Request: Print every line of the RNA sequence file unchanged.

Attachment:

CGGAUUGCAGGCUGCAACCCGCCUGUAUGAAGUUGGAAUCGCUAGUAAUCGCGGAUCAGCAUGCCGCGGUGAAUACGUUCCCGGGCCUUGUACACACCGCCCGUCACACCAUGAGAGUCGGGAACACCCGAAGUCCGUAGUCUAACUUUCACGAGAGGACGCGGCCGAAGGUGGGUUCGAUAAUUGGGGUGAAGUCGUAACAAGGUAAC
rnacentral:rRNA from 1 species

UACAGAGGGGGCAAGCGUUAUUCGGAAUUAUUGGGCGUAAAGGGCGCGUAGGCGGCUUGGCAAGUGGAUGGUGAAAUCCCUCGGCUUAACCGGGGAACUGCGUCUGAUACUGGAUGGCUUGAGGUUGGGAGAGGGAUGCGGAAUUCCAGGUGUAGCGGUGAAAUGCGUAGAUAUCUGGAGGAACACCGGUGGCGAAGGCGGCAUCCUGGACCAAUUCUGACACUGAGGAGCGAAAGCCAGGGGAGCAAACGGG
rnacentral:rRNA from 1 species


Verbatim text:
CGGAUUGCAGGCUGCAACCCGCCUGUAUGAAGUUGGAAUCGCUAGUAAUCGCGGAUCAGCAUGCCGCGGUGAAUACGUUCCCGGGCCUUGUACACACCGCCCGUCACACCAUGAGAGUCGGGAACACCCGAAGUCCGUAGUCUAACUUUCACGAGAGGACGCGGCCGAAGGUGGGUUCGAUAAUUGGGGUGAAGUCGUAACAAGGUAAC
rnacentral:rRNA from 1 species

UACAGAGGGGGCAAGCGUUAUUCGGAAUUAUUGGGCGUAAAGGGCGCGUAGGCGGCUUGGCAAGUGGAUGGUGAAAUCCCUCGGCUUAACCGGGGAACUGCGUCUGAUACUGGAUGGCUUGAGGUUGGGAGAGGGAUGCGGAAUUCCAGGUGUAGCGGUGAAAUGCGUAGAUAUCUGGAGGAACACCGGUGGCGAAGGCGGCAUCCUGGACCAAUUCUGACACUGAGGAGCGAAAGCCAGGGGAGCAAACGGG
rnacentral:rRNA from 1 species